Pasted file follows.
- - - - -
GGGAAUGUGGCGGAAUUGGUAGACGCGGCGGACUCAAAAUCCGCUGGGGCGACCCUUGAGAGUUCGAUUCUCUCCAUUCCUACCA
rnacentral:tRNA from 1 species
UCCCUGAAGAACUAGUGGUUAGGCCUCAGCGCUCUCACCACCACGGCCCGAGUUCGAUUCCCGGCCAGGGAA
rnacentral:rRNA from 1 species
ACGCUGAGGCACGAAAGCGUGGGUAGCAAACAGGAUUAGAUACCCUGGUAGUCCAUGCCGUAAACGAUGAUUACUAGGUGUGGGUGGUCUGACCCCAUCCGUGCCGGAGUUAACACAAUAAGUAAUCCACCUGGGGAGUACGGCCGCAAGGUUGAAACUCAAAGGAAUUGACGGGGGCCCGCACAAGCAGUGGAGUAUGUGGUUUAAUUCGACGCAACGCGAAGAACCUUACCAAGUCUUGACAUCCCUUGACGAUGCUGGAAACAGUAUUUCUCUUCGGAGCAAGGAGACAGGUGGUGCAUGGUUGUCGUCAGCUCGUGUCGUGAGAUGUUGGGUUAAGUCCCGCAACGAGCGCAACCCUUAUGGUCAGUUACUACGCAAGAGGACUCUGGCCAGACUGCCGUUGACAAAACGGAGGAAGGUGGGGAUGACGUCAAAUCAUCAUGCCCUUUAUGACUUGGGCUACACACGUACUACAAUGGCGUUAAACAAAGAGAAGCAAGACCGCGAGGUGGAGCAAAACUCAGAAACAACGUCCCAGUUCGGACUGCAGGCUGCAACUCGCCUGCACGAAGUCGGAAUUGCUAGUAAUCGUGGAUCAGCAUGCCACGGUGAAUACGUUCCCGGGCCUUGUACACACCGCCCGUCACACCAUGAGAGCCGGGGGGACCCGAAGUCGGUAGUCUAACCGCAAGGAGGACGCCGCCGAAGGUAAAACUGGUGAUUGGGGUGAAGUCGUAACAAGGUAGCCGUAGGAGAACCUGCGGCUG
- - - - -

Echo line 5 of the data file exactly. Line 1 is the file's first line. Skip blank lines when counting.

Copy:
ACGCUGAGGCACGAAAGCGUGGGUAGCAAACAGGAUUAGAUACCCUGGUAGUCCAUGCCGUAAACGAUGAUUACUAGGUGUGGGUGGUCUGACCCCAUCCGUGCCGGAGUUAACACAAUAAGUAAUCCACCUGGGGAGUACGGCCGCAAGGUUGAAACUCAAAGGAAUUGACGGGGGCCCGCACAAGCAGUGGAGUAUGUGGUUUAAUUCGACGCAACGCGAAGAACCUUACCAAGUCUUGACAUCCCUUGACGAUGCUGGAAACAGUAUUUCUCUUCGGAGCAAGGAGACAGGUGGUGCAUGGUUGUCGUCAGCUCGUGUCGUGAGAUGUUGGGUUAAGUCCCGCAACGAGCGCAACCCUUAUGGUCAGUUACUACGCAAGAGGACUCUGGCCAGACUGCCGUUGACAAAACGGAGGAAGGUGGGGAUGACGUCAAAUCAUCAUGCCCUUUAUGACUUGGGCUACACACGUACUACAAUGGCGUUAAACAAAGAGAAGCAAGACCGCGAGGUGGAGCAAAACUCAGAAACAACGUCCCAGUUCGGACUGCAGGCUGCAACUCGCCUGCACGAAGUCGGAAUUGCUAGUAAUCGUGGAUCAGCAUGCCACGGUGAAUACGUUCCCGGGCCUUGUACACACCGCCCGUCACACCAUGAGAGCCGGGGGGACCCGAAGUCGGUAGUCUAACCGCAAGGAGGACGCCGCCGAAGGUAAAACUGGUGAUUGGGGUGAAGUCGUAACAAGGUAGCCGUAGGAGAACCUGCGGCUG